When you make these considerations, you must decide whether or not you will buy cars for your school, or whether your instructors will provide their own vehicles for instruction. There are positives and negatives to each decision.

If you buy cars, you have complete quality control over the vehicles. You can install a secondary brake system, instructor perspective mirrors, and even a steering wheel for instructors to keep your students as safe as possible. You can be sure your vehicles have the proper insurance for student drivers.

While these safety perks have huge marketing value, they are also a large upfront investment. Allowing your instructors to use their own vehicles can reduce your school’s initial costs. You may not have the same credibility that you have when you own your own fleet of cars. You will have to make sure your team is properly insured, which is more administrative work. But you can still provide your students with the best instruction around.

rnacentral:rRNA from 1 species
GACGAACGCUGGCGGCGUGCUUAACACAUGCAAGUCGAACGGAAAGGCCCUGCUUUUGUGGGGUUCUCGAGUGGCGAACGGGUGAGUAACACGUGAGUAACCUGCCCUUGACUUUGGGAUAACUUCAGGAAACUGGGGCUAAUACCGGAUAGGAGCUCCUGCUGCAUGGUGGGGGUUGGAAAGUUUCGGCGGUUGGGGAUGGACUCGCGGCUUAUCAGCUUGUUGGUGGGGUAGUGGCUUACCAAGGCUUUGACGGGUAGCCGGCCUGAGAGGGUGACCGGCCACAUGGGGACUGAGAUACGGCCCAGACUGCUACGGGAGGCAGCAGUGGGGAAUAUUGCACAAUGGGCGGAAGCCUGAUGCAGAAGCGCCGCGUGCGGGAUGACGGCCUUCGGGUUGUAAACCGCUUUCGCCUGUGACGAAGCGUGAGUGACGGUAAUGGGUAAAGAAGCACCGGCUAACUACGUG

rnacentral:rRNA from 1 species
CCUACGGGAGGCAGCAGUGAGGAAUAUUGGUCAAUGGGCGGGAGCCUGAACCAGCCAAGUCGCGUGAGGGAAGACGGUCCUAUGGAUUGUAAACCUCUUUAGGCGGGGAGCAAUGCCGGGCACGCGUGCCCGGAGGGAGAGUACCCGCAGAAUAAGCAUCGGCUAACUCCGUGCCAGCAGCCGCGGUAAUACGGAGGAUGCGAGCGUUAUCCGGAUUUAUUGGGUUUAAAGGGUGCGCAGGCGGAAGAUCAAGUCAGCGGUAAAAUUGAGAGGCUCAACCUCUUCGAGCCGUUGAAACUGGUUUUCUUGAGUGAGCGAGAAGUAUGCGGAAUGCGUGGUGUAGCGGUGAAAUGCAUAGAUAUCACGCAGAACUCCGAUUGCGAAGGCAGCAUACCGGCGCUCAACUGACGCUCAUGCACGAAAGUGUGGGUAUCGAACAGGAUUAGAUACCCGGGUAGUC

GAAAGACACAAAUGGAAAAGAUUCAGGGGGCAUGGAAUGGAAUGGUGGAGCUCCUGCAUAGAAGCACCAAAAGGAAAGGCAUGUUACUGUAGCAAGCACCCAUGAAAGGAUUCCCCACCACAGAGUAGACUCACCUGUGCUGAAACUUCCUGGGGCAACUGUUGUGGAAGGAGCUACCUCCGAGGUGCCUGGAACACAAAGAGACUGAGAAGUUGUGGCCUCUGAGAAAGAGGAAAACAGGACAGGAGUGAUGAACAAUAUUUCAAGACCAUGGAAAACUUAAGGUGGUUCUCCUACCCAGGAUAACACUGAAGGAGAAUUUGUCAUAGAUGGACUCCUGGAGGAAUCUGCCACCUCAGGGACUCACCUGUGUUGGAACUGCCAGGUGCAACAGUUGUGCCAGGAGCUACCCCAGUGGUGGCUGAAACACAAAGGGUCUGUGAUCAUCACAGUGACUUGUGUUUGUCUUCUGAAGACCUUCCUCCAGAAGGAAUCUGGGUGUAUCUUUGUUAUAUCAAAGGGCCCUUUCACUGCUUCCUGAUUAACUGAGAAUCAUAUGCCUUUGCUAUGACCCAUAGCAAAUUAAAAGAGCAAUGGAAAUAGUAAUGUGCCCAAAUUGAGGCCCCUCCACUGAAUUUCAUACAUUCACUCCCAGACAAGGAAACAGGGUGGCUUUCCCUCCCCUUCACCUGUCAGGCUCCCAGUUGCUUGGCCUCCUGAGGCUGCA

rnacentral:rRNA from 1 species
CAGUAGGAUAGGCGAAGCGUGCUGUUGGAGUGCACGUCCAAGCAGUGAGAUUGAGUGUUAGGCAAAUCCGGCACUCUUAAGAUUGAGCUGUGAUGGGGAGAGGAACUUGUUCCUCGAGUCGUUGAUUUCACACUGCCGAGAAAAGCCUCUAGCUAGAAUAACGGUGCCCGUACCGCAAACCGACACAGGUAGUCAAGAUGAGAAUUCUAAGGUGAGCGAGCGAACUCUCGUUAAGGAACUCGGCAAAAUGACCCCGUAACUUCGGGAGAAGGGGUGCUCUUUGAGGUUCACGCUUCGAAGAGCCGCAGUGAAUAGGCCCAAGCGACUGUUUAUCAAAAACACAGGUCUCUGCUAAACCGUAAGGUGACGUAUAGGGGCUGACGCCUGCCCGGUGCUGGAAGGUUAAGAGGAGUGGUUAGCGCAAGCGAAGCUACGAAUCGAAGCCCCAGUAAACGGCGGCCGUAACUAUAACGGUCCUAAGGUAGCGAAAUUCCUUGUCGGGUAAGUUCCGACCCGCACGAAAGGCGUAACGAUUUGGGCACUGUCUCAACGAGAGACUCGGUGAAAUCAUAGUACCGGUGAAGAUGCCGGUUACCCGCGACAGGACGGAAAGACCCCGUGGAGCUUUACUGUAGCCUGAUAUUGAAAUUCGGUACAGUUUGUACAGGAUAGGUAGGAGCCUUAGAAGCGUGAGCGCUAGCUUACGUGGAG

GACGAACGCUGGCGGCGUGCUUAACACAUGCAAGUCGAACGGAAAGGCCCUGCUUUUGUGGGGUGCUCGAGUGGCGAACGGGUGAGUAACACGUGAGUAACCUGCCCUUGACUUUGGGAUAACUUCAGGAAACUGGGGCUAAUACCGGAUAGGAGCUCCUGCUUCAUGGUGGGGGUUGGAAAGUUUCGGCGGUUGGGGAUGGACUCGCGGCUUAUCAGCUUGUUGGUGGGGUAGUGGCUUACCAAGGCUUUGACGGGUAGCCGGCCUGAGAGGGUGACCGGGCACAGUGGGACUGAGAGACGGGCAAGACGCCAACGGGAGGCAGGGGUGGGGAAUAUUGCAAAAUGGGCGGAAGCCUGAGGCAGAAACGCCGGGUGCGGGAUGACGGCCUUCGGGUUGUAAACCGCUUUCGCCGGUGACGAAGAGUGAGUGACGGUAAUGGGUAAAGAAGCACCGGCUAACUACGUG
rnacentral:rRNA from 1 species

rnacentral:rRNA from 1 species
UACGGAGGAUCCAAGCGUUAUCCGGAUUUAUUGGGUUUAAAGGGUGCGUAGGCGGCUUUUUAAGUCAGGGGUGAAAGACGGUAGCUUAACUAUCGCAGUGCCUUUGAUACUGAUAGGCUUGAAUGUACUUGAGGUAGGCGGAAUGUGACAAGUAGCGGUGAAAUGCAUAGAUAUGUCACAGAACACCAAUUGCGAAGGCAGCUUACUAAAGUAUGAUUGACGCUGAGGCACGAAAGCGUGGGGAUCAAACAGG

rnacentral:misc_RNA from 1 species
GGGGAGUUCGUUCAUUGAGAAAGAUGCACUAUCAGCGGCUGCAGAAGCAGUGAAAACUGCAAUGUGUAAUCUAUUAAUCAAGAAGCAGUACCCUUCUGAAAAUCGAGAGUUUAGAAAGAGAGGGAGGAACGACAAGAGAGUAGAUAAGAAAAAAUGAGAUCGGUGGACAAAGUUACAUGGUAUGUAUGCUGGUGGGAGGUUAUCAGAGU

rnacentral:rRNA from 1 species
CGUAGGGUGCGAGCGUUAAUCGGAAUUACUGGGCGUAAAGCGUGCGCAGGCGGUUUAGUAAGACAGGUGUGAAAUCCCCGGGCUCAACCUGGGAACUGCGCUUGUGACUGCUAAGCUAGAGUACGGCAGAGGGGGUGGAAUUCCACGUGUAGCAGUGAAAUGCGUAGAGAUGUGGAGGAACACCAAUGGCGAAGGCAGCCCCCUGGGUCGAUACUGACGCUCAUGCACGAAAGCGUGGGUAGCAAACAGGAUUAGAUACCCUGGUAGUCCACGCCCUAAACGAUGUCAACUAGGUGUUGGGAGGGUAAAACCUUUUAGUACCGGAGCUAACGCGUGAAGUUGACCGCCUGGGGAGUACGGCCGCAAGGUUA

You must also decide the scope of your services. Some driving schools offer behind-the-wheel training, and nothing else. Others specialize in classroom training. And some offer behind-the-wheel training, classroom training, and road tests. What does your school offer? Explain the reasoning behind your choice.

Marketing & Sales

Once your reader understands your product, they’ll want to know how you’re going to generate customers. You need to explain how you’re going to penetrate the market and build a customer base. Sales forecasts will be heavily influenced by the quality of the driving school’s marketing.